Lessons from branding a destination

Jaid Hulsbosch

Jaid began his career at Hulsbosch before spending six years in Europe working as business development director with two leading design firms in London and Amsterdam. Returning to Australia in 2010, Jaid re-joined Hulsbosch as a director, responsible for all aspects of business management from planning to HR, new business and partnerships. He takes an active role in promoting Hulsbosch’s creativity, uniqueness, enthusiasm and passion for strengthening client’s business.

Every day, suburbs, towns, states and countries all compete for investment that will help ensure their populations will prosper and thrive. Successful destinations have all paid careful attention to their image, the products they produce and the services they offer. A strong destination brand creates a virtuous circle that makes it a desirable place to live and do business.

In our globally connected world, all destinations are competing not only for tourists but also for export markets, business investment, education services and skilled migrants.

We choose consumer brands because we relate to them, enjoy them and they make our choices easier. Creating a destination brand, is like any other branding opportunity. It is imperative to ensure key messages and tone-of-voice are unique, relevant, strong and consistent, allowing us to build recognition and desirability for the brand.

A logo and tagline is not enough. In its totality, destination branding is a comprehensive visual system composed by colours, topography, formats, supporting graphics and even sounds that can help to build a stronger, compelling and relevant message. And marketers must manage this system consistently.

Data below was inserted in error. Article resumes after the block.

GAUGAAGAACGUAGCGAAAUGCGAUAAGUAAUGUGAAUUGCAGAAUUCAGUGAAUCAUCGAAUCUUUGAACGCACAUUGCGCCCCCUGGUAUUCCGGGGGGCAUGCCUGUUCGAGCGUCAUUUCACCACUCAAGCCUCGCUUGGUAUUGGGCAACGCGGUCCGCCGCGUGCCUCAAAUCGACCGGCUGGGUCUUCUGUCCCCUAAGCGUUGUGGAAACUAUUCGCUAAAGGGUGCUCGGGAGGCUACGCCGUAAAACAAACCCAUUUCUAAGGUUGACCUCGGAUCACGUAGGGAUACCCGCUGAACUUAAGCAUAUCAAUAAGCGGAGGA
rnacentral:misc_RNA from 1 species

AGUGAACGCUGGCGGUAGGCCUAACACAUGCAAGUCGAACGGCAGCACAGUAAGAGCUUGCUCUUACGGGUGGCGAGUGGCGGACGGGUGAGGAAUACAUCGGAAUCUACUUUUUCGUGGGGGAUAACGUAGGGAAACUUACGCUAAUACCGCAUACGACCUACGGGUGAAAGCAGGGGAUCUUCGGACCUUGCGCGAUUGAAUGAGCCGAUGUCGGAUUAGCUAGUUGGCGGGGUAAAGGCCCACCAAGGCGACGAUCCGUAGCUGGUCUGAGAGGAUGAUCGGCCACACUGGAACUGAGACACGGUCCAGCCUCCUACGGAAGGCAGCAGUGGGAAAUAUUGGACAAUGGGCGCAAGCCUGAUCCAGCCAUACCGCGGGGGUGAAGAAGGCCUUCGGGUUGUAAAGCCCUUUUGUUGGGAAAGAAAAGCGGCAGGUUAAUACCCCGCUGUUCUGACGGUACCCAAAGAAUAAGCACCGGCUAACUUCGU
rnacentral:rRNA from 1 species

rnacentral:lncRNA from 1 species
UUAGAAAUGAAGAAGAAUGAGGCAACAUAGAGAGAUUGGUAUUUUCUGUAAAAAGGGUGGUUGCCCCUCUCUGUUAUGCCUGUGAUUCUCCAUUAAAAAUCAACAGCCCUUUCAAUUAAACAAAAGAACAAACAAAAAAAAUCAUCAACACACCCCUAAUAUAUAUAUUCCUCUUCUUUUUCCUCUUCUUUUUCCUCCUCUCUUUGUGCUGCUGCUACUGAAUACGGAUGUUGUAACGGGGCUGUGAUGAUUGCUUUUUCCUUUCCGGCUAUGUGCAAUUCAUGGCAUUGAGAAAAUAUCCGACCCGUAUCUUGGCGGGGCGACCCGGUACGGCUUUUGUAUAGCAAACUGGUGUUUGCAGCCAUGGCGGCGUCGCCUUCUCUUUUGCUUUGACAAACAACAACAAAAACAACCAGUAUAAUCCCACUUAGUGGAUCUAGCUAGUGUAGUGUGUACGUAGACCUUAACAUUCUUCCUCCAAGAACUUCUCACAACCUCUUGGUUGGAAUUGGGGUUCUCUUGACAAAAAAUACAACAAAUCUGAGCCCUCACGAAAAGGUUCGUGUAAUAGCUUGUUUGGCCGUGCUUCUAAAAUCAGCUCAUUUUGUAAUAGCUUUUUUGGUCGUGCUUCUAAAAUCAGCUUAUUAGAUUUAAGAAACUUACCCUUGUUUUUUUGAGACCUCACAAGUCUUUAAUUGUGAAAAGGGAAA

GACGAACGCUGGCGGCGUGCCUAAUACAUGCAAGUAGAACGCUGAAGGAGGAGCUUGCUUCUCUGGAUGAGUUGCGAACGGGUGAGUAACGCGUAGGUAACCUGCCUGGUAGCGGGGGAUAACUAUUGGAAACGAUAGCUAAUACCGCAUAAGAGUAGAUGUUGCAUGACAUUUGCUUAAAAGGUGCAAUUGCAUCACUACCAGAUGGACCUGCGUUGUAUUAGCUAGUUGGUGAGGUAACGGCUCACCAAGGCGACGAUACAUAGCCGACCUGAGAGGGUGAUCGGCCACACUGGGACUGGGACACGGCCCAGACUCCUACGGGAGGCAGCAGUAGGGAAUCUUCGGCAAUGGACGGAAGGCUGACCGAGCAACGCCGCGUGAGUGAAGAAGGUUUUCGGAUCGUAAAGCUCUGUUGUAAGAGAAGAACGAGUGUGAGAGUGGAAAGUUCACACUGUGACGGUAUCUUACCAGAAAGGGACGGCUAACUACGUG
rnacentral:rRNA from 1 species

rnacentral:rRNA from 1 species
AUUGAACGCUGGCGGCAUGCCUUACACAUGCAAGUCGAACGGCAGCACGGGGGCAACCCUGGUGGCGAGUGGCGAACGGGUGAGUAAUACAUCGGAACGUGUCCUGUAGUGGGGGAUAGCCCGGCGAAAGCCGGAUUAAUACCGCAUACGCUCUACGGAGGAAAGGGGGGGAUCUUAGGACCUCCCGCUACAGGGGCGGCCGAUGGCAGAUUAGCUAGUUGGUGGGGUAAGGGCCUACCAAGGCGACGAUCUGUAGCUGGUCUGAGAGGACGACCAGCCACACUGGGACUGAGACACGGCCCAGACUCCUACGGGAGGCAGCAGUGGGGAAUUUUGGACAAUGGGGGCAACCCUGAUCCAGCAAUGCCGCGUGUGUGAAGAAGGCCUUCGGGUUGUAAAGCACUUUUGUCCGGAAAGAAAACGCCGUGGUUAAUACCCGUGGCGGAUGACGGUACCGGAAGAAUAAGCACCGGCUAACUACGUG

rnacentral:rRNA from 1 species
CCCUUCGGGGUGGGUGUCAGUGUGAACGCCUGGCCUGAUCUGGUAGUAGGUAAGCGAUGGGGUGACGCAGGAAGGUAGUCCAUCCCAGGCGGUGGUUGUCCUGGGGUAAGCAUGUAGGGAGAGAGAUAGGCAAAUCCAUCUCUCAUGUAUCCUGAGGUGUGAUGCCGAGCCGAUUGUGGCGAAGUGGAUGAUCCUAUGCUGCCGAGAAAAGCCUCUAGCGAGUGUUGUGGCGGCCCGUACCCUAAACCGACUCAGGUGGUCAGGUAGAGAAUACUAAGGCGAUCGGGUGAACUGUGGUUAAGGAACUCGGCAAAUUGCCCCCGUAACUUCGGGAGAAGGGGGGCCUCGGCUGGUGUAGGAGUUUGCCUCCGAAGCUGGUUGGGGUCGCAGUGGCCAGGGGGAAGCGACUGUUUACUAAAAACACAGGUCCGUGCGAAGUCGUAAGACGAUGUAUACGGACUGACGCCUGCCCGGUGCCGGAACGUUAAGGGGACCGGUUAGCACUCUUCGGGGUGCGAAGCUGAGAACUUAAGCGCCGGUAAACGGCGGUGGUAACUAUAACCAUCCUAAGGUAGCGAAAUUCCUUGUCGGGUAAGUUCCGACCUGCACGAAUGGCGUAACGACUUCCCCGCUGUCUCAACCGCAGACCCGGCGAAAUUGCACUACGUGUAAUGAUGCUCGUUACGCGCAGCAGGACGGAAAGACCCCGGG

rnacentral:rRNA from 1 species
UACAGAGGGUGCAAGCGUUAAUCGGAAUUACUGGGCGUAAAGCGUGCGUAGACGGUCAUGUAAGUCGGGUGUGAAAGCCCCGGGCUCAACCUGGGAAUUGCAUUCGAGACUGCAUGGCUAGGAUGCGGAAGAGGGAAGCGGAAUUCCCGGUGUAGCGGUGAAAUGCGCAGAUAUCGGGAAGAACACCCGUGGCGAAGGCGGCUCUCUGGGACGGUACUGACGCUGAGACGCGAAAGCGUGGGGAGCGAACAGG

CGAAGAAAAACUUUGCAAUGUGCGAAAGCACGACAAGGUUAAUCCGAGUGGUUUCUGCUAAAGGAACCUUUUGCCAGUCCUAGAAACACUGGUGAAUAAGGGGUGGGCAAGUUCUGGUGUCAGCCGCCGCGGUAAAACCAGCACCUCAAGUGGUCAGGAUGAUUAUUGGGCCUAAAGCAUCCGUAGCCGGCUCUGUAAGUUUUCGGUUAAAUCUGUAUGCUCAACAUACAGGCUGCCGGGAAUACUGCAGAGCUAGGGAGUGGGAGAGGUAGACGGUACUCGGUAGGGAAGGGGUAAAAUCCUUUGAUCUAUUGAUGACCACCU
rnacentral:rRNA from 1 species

Over the years, Hulsbosch has provided clients with a competitive advantage for destination brands including the Sydney harbour foreshore sanctuary, the Royal Botanic Gardens; the high-profile urban locality, tourist precinct and historic area, The Rocks in Sydney’s city centre; revitalising the Sydney Convention and Exhibition Centre venue; and the popular Whitsundays holiday resort, Brampton Island in Queensland.

These experiences have contributed to an essential guide for destination branding, but they’re also a good guide for marketers looking to crystallise any brand in the minds of customers: Differentiation is key. What makes it unique, special and a relevant proposition, thus creating cut-through and greater recognition? Always avoid clichés without losing focus on the destination’s special difference.

Act and think global. Your brand identity and all related promotional activities must appeal across cultural, religious and ethnic groups.

Your friends define you. Destination brands are usually partnered with other brands for promotional usage. For example, iconic beverage brands, Australia’s XXXX beer and one of the highest selling beers in the US, Budweiser are part of destination communication. Tourism Tasmania’s brand partners include RM Williams, Wine Tasmania and Australian Geographic. Make sure your brand is simple and flexible, so it can still be recognised but not dominated by other brand identities.

It’s not just enough to have good ideas and policies. Destination brands need to communicate their values to the world. For example, Tourism New Zealand’s ‘100% Pure’ campaign was testament to a focus on the environment. Partnering with Peter Jackson’s box office movie hits and putting centre-stage picturesque landscapes and breathtaking vistas propelled the campaign to further success. It also projected a worldwide image of the country’s clean, green living.